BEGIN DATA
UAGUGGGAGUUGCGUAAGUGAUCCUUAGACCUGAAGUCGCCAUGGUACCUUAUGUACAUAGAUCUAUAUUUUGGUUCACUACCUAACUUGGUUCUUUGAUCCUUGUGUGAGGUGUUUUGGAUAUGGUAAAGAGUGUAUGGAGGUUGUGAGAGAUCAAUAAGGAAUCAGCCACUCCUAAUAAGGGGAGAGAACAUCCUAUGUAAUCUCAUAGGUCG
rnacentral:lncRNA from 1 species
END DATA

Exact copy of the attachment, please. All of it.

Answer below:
UAGUGGGAGUUGCGUAAGUGAUCCUUAGACCUGAAGUCGCCAUGGUACCUUAUGUACAUAGAUCUAUAUUUUGGUUCACUACCUAACUUGGUUCUUUGAUCCUUGUGUGAGGUGUUUUGGAUAUGGUAAAGAGUGUAUGGAGGUUGUGAGAGAUCAAUAAGGAAUCAGCCACUCCUAAUAAGGGGAGAGAACAUCCUAUGUAAUCUCAUAGGUCG
rnacentral:lncRNA from 1 species